Geryon - s/t

When I first read about Geryon, the new duo comprised of Lev Weinstein (drums) and Nicholas McMaster (bass & vocals) of avant-garde black metallers Krallice, I was of two minds. On the one hand, I get excited any time I hear about new music from anyone associated with Krallice. However, I’ve never sat and thought to myself: You know what would make Krallice even more awesome? If they got rid of their guitar players. In fact, for me it’s the interplay between the guitars of Messrs. Barr and Marston that makes Krallice so compelling. So what on earth would their rhythm section sound like on their own? I figured the worst case scenario would be that they’d just sound like Krallice without guitars, and maybe best case would see them doing the same kind of sludgy funeral doom as Bell Witch. Fortunately, I was wrong on both counts.

Geryon play a brand of technical/avant-garde death metal that reminds me an awful lot of Obscura-era Gorguts, which is kind of ironic considering that the aforementioned Colin Marston has been playing bass as part of Luc Lemay’s revamped Gorguts lineup since 2009. Odd coincidences aside, the band’s recently released self-titled EP is a breathtaking slab of angular, dissonant bass riffs and furiously polyrhythmic drumming that really needs to be heard to be believed. The single biggest compliment I can probably pay the band is that at no point do I wish there were guitars. Unlike Bell Witch, who play a style of music characterized by severely downtuned instruments and bass lines that tend to mimic the main guitar parts, the style of tech-death played by Geryon tends to be dominated by guitars, or at least by the rhythm/counter rhythm of multiple stringed instruments. There really is just a single bass part carrying these songs, as this live video will attest:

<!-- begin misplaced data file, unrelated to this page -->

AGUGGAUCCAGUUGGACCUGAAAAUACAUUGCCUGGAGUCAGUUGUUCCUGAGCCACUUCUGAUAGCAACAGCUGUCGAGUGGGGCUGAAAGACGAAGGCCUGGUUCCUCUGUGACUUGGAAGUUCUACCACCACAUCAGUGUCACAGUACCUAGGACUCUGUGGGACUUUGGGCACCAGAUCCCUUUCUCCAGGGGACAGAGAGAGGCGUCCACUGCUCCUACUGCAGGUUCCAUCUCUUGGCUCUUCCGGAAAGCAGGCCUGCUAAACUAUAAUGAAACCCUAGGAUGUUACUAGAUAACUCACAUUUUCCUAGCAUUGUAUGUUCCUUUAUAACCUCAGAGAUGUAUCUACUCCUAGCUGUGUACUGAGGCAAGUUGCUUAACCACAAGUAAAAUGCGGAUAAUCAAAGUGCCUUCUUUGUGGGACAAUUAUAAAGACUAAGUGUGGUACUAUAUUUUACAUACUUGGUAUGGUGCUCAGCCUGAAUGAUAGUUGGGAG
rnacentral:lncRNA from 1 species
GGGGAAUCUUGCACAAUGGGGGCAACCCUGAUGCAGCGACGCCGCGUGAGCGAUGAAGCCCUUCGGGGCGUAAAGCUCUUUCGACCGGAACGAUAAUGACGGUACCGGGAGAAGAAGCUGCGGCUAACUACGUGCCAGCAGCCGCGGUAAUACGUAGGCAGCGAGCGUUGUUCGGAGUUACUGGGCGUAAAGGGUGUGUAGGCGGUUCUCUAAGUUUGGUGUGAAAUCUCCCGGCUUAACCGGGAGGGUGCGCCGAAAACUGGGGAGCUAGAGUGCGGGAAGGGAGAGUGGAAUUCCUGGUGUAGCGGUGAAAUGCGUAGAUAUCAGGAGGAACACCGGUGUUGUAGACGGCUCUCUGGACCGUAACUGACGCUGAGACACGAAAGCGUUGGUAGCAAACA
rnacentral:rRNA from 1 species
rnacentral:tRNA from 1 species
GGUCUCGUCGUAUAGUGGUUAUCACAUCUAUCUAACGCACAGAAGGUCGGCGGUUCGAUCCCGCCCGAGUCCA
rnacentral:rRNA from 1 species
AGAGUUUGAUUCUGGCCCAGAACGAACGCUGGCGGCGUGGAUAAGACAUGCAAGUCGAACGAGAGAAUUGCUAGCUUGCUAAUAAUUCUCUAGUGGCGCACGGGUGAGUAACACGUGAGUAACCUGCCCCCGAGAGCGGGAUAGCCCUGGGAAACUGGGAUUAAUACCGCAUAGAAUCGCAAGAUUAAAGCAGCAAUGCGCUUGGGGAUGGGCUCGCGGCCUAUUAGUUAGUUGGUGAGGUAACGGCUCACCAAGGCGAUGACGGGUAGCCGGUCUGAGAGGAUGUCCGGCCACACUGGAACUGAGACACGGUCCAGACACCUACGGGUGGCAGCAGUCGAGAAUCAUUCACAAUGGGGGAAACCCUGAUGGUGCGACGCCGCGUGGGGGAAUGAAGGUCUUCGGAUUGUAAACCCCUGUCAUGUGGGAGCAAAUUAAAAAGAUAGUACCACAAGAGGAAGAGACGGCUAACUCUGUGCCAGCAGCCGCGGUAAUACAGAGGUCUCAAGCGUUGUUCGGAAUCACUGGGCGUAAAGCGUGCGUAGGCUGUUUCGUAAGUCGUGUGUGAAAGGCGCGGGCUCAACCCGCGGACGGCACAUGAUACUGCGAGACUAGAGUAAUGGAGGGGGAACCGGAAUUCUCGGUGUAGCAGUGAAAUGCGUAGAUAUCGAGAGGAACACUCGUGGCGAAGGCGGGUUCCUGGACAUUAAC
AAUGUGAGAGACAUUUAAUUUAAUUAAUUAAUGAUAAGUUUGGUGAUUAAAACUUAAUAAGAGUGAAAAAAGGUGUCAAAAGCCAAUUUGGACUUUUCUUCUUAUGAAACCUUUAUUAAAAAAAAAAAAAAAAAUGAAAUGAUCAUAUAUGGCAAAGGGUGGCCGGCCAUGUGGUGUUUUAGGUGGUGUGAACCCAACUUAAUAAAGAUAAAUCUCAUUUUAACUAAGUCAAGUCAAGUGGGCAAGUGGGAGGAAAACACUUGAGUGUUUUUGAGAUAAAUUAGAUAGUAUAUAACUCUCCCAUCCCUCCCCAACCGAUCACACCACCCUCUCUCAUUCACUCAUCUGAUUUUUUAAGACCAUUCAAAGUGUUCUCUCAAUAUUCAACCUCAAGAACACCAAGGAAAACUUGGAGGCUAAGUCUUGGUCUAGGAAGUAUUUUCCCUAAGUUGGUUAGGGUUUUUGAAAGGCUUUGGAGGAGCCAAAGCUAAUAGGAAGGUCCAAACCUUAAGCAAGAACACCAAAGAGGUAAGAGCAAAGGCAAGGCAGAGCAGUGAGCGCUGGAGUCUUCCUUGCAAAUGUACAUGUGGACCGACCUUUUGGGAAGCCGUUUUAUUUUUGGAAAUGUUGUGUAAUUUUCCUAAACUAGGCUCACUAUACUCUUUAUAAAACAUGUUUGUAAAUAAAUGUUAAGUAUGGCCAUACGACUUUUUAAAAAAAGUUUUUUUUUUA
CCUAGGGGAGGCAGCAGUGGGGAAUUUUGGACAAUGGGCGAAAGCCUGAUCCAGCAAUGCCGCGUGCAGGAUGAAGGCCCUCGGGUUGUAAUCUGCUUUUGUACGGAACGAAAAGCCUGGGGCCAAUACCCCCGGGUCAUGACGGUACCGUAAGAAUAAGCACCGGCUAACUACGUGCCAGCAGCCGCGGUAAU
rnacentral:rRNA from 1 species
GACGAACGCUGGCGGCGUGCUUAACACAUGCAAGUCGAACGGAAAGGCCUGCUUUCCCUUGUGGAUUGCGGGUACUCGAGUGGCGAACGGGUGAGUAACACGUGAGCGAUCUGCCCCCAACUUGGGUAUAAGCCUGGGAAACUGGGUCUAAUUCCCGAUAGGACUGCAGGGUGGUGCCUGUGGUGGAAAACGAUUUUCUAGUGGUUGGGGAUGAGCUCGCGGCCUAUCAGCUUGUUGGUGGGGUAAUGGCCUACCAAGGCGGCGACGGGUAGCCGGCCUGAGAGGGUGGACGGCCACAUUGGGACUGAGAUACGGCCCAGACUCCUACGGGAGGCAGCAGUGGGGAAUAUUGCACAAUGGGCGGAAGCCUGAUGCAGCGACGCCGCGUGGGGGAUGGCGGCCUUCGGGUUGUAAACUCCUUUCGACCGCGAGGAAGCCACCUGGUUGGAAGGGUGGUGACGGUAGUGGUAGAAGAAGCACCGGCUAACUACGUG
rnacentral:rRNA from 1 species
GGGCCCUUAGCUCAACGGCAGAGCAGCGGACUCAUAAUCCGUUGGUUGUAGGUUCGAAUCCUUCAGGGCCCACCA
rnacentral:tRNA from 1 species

You can stream or purchase Geryon’s self-titled EP from their Bandcamp page. If vinyl is more your thing, head over to Gilead Media. Either way, this is a release you don’t want to miss.